As extreme heat swept across the mid-Atlantic last week, University of Maryland students living in dorms without air conditioning said they were left in a state of discomfort, with some opting to sleep in lounges or other dorms.
“I’ve been dying slowly because it’s been so hot in my dorm,” said freshman Arya Gijare, who is enrolled in letters and sciences and living in Hagerstown Hall. “Last week during the heatwave it was really bad.”
During the first week of September, College Park temperatures reached the high 90s. Sept. 6 saw the hottest temperatures with 100 degrees, according to The Weather Channel.
In 2022, the highest temperature recorded in College Park in September was only 89 degrees.
This university has eight halls where individual rooms are not equipped with air conditioning: Caroline, Carroll, Cecil, Chestertown, Ellicott, Hagerstown, Wicomico and Worcester.
During the heatwave, the Department of Resident Life stocked the halls’ fridges with cold water and ice pops to keep students cool, according to Tracy Kiras, the department’s associate director for assignments, communications and technology services. Residents in the halls also received multiple emails with tips on how to stay cool.
“The University of Maryland is mindful of the impacts to our community during this September heat wave,” Kiras said in a statement. “We are particularly focused on students and staff living and working in residence halls that do not have air conditioning.”
“[The ice pops] actually were pretty nice to have,” freshman mechanical engineering major Paul Gomez Wick, who lives in Ellicott Hall, said. “They weren’t a complete solution, but they were a really good gesture.”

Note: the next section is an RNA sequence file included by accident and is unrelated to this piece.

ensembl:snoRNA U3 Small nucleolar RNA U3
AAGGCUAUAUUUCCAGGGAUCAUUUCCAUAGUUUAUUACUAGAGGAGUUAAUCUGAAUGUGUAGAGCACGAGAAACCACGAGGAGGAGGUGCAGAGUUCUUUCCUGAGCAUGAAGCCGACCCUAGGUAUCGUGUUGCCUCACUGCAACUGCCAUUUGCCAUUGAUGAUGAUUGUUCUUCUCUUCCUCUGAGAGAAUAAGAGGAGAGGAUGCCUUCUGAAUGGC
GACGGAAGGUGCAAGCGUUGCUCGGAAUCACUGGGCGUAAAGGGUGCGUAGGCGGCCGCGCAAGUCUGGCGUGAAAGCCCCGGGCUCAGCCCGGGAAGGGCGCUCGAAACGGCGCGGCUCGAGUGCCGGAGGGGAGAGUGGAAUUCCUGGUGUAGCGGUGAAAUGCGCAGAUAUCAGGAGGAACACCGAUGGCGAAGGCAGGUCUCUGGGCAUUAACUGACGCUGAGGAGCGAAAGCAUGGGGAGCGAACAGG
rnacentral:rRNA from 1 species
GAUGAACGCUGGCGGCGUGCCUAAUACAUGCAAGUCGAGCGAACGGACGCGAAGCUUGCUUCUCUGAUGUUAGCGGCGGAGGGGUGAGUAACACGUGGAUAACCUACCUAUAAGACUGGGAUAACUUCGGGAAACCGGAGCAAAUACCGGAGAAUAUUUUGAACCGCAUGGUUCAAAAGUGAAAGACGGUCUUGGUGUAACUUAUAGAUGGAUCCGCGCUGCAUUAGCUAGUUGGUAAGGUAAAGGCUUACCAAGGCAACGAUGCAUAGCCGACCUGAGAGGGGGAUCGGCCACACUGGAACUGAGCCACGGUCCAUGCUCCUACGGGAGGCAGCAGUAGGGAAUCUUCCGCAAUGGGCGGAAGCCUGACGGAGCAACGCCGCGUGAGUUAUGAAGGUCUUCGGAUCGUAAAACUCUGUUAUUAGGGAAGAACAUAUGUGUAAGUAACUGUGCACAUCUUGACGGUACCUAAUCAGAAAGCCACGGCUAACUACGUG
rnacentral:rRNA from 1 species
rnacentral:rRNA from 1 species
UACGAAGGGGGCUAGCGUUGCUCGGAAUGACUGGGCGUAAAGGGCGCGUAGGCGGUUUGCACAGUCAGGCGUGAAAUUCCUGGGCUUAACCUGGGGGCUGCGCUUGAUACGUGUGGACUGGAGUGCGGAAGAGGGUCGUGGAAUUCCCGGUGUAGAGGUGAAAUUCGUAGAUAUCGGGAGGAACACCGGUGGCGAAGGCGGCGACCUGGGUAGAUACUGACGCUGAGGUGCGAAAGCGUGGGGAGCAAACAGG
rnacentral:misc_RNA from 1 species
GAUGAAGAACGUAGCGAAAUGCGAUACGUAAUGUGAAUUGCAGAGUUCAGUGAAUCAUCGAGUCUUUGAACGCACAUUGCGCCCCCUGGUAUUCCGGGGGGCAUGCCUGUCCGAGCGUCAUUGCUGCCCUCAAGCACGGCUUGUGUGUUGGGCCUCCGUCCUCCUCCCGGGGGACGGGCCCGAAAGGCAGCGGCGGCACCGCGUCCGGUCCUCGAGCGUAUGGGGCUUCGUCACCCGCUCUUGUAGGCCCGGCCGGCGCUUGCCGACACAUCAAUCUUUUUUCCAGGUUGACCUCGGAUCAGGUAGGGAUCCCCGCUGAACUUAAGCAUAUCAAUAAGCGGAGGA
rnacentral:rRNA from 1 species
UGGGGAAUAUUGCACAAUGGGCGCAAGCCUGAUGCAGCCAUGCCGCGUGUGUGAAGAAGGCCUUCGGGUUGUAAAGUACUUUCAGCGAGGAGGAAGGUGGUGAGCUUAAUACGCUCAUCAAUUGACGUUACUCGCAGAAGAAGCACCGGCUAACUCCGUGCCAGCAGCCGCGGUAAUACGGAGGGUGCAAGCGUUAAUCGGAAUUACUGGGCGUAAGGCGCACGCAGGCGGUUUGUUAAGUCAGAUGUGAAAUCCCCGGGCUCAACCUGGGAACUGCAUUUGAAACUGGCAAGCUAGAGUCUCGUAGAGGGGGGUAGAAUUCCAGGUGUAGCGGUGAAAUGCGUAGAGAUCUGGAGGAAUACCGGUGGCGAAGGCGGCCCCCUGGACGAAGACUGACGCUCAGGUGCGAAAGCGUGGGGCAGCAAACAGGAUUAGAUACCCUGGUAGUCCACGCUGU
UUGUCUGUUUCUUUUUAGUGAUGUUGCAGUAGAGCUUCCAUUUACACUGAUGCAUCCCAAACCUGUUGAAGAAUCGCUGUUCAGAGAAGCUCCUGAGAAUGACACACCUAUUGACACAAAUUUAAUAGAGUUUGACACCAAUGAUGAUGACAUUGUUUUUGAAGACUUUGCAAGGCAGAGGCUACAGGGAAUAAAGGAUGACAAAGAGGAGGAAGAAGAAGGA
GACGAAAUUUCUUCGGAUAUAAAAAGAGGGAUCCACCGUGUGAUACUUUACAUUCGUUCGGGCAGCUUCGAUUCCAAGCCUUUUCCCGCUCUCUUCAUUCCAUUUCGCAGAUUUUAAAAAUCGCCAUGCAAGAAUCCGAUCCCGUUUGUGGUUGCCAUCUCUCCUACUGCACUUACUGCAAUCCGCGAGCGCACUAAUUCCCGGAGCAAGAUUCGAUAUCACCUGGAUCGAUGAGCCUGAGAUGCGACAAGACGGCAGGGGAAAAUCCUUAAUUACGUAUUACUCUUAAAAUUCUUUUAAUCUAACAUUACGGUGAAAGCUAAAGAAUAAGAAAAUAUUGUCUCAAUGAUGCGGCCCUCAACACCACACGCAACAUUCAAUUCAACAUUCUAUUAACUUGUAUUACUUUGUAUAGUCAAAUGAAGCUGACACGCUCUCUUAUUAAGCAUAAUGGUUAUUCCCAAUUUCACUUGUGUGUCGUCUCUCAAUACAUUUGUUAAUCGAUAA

Resident Life also offered alternative sleeping arrangements by setting up mattresses for students in communal areas with air conditioning.
To cope with the heat, some students used numerous fans in their rooms and spent the majority of their days in lounges and libraries.
“For basically the entire week, I just tried to avoid being in [my room],” freshman journalism major Casey Glickman said. “It was definitely frustrating.”
While temperatures have cooled recently, the early September heat wave is not an isolated event, according to Timothy Canty, an associate professor in the atmospheric and oceanic science department at this university.
The recent increase in temperature is because this is an El Niño year, which generally makes Earth warmer, Canty said. But he added that as climate change intensifies, extreme weather events like heat waves will get more severe and occur more often.
“I expect things will keep getting progressively warmer,” Canty said. “If you don’t have a dorm with air conditioning, that’s uncomfortable. Buildings are poorly climate controlled and they have poor air conditioning … things like that are just going to have to be factored in.”
According to university President Darryll Pines, as experts predict warmer temperatures, this university is hoping to add air conditioning to all dorms in the next few fiscal years.
“The university is working to install the appropriate hardware and software in all of our residents’ facilities so that we get to a point where all of them have some type of either central air conditioning or at least a window air conditioning,” Pines told The Diamondback.